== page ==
Before you retire, make an educated decision on what’s right for you. The best time to purchase a policy is when you’re in your 50s or 60s.

4. Consider wealth transfer in your lifetime. The Tax Cuts and Jobs Act of 2017 doubled the estate and gift tax exemption until 2025, so this could also be a good time to transfer assets. Initiating a wealth transfer while you’re still living gives you the chance to have a positive impact on your loved ones’ lives, whether it’s helping your child buy a first house or invest in a new business. (Learn more about the essentials of wealth transfer.)

Philanthropy is another option — your advisor can share the pros and cons of different types of charitable giving, including helping you understand your choices from a tax perspective and helping you align your contributions with your values. “Seeing how your donations make a difference has been really meaningful for some of our clients,” Crowe says.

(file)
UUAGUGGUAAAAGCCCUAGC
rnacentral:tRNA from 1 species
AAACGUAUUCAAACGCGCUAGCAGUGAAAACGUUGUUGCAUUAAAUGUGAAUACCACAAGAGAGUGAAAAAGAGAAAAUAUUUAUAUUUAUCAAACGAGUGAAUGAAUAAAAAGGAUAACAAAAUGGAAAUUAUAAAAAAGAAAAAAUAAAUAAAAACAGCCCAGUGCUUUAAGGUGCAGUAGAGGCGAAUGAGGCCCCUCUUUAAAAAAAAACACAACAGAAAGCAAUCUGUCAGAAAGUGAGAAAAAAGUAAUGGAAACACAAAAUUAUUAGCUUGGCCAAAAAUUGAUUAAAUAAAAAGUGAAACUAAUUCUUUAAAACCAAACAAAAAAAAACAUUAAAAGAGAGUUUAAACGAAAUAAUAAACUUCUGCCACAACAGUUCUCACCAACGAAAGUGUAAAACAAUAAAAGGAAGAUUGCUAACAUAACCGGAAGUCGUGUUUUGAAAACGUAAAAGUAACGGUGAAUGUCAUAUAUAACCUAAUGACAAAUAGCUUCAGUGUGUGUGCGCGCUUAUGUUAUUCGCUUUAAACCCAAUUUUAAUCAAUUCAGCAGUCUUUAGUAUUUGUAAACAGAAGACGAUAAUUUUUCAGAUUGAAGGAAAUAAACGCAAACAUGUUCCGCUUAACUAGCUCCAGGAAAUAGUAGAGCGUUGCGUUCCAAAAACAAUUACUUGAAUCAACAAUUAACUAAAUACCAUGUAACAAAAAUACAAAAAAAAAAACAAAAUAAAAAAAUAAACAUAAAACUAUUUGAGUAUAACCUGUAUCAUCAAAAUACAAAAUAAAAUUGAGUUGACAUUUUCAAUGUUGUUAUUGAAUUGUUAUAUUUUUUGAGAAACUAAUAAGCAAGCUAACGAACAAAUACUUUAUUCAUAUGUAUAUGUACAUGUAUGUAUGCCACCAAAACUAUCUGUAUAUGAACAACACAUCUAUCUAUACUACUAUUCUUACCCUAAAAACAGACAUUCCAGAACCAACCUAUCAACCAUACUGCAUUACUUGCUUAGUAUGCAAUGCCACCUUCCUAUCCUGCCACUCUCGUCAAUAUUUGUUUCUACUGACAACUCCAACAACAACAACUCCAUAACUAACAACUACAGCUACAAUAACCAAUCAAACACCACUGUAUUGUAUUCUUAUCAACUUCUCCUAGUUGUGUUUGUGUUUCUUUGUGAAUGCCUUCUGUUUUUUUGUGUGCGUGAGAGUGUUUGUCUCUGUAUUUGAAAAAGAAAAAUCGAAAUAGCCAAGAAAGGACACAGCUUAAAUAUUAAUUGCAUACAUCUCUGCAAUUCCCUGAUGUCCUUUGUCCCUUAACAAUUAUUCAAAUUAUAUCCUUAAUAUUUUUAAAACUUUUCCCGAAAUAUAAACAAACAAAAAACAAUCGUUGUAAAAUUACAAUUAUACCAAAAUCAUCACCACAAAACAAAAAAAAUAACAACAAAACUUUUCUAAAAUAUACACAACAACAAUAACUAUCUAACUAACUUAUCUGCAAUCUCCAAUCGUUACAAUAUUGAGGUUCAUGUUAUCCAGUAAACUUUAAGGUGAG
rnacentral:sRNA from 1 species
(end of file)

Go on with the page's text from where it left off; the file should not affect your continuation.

Michelle Crouch writes about consumer finance, parenting, and more from her home in Charlotte, North Carolina. Her work has appeared in Reader's Digest, Parents magazine, and The New York Times.

What can Wells Fargo do for you?

Experiences like travel can make life memorable for you and your family, but you have to prepare. Your team will be happy to help you with financial needs.

Asset allocation and diversification are investment methods used to help manage risk. They do not guarantee investment returns or eliminate risk of loss including in a declining market.

Insurance products are offered through nonbank insurance agency affiliates of Wells Fargo & Company and are underwritten by unaffiliated insurance companies.

Investment in real estate securities include risks, such as the possible illiquidity of the underlying properties, credit risk, interest rate fluctuations, and the impact of varied economic conditions. 

Wells Fargo & Company and its affiliates do not provide legal or tax advice. Please consult your legal and/or tax advisors to determine how this information may apply to your own situation. Whether any planned tax result is realized by you depends on the specific facts of your own situation at the time your tax return is filed.